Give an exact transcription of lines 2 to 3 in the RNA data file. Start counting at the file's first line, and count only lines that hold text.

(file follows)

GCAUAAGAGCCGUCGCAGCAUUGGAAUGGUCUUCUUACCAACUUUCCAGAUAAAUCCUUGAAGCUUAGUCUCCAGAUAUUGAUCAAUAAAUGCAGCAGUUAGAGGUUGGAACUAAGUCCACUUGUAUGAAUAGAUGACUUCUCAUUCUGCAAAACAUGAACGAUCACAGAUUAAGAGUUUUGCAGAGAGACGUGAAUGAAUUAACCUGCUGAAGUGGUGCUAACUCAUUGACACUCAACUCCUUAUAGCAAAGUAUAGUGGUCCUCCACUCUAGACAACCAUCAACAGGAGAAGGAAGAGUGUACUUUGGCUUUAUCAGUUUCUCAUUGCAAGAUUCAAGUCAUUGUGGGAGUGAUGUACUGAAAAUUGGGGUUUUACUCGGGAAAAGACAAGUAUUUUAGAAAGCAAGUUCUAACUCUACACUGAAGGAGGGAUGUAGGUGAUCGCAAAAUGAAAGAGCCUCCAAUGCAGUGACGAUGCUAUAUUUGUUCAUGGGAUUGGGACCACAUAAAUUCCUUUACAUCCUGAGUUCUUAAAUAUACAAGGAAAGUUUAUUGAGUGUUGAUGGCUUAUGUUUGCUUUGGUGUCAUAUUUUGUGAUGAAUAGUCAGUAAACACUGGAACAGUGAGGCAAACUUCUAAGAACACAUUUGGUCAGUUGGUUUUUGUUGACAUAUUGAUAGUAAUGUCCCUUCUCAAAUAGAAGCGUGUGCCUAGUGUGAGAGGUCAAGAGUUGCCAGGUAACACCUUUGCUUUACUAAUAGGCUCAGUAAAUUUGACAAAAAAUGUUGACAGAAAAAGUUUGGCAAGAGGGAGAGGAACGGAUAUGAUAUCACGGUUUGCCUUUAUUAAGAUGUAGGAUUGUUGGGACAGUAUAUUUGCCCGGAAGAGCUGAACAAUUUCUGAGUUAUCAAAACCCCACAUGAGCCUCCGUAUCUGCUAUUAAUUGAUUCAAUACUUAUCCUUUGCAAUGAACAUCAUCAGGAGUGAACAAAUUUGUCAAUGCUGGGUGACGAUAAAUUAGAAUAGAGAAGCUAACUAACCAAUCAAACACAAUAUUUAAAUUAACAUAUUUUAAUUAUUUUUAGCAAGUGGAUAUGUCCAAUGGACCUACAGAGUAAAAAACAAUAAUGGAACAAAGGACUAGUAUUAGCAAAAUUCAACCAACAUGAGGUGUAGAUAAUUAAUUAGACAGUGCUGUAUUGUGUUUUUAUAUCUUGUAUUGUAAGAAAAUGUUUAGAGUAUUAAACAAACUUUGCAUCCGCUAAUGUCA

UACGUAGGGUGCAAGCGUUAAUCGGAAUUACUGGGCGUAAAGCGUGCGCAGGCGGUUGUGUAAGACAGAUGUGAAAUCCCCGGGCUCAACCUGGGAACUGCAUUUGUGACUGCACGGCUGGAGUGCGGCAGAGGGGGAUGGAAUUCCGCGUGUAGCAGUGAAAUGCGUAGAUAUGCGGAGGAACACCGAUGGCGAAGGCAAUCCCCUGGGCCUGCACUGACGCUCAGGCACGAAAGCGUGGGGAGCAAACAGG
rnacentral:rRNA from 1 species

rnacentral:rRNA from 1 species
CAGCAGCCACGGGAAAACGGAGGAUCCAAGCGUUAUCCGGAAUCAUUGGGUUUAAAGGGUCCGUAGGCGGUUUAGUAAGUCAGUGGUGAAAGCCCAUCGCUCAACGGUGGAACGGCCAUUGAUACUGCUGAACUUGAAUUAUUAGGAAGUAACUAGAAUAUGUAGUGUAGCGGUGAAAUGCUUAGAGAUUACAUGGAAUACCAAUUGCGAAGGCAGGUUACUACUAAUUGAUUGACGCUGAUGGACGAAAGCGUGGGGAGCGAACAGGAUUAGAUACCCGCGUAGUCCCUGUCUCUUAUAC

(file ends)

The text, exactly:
UACGUAGGGUGCAAGCGUUAAUCGGAAUUACUGGGCGUAAAGCGUGCGCAGGCGGUUGUGUAAGACAGAUGUGAAAUCCCCGGGCUCAACCUGGGAACUGCAUUUGUGACUGCACGGCUGGAGUGCGGCAGAGGGGGAUGGAAUUCCGCGUGUAGCAGUGAAAUGCGUAGAUAUGCGGAGGAACACCGAUGGCGAAGGCAAUCCCCUGGGCCUGCACUGACGCUCAGGCACGAAAGCGUGGGGAGCAAACAGG
rnacentral:rRNA from 1 species